Sofia Bustamante Sensei

 Sofia Bustamante, 1st Dan

Sofia Bustamante, 1st Dan

My own journey with aikido didn’t start till my early 40’s. Martial arts had been a fantasy that I never imagined would become real for me.  I was both afraid of hurting someone and of being hurt. I remember doing one class of Wing Chung at University but that was as far as my martial arts experience went. Years later, I heard about aikido as a form of embodied leadership that was popular amongst change makers, systems thinkers and leadership consultants. My deep vocation in life is to create healthy vibrant communities of empowered individuals so it caught my interest but I didn’t know where to begin so it lived on as just a dream. 

As luck would have it, I stumbled on Isshinkai. From the first class, I noticed that the teacher’s words matched his actions, to an unusual degree. I didn’t feel intimidated as a white belt and as a woman new to martial arts; this meant a lot to me as i was aware of how powerful aikido could be and from my own work I was aware of how easy it is for groups to harbour unhealthy power dynamics. I noticed that I felt better after every single class and that this was a path of peace that was practical and real. I soon realised I had found my teacher: Denis Burke Sensei, 7th Dan, who is the founder of Isshinkai (meaning one-heart society). I never looked back. 

I have also attended the classes of Emile Swain Sensei, 2nd Dan since 2013, where I have learnt a lot about feeling, and more recently Adam Cooper Sensei, 1st Dan, both of whom I continue to learn so much from. I am now also assisting with teaching children in Andover at our headquarters Dojo.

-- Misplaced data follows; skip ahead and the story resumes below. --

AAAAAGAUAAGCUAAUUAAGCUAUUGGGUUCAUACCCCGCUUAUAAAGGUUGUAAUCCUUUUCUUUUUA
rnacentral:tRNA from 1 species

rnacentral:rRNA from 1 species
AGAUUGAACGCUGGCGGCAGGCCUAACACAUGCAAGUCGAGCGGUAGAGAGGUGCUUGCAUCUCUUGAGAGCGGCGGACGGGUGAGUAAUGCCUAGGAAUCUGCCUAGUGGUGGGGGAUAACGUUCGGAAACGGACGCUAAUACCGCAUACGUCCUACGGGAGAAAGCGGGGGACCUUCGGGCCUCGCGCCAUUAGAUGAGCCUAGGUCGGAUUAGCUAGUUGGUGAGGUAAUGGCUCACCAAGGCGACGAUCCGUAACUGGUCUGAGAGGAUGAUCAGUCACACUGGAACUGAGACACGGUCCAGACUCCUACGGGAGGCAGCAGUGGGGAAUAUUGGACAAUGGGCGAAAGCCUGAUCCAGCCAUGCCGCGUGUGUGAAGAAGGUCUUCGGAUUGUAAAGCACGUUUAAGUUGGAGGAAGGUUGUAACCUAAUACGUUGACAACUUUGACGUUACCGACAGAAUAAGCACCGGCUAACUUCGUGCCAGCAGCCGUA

One of the things that I value most in Isshinkai, is that as well as individual empowerment, there is a concept for how groups and societies can work together. It is unifying and grounding, especially because it is based on each of us participating as a whole person in order to be able to inter-relate in a healthy way. The practice itself guides us to this. 

To say it is a path of learning is an understatement. Aikido became a metaphor for living my life, for improving relationships, for facing every day challenges, for finding my centre, for being able to stay calm under pressure, for being able to walk the streets with less fear and for standing taller and bringing out my spirit and joy of life. I began to know that if I really want to achieve something and I put my mind to it, I can do it. 

It is a world away from the theories and concepts that are espoused so much in change work.  I think that that is because the achievements in aikido cannot be faked. It is a partnered practice and a true whole-systems practice as it includes the body.  You can test for yourself which of your assumptions are true for you. As we work things out off the mat, we can use our experience on the mat to keep things real. In this sense, it was the missing link in my life - something that keeps me on the critical path of most aliveness. Achieving my 1st Dan 7 years after that first class, was one of the most empowering moments I have ever experienced. In my coaching and facilitation work people have gone out of their way to tell me how embodied I am. Those close to me have mentioned a radiance and confidence in me that has grown over time. The fact that I get to practice each week with others who share this joy is an unbelievable gift that I am so grateful for and for which I still have to pinch myself.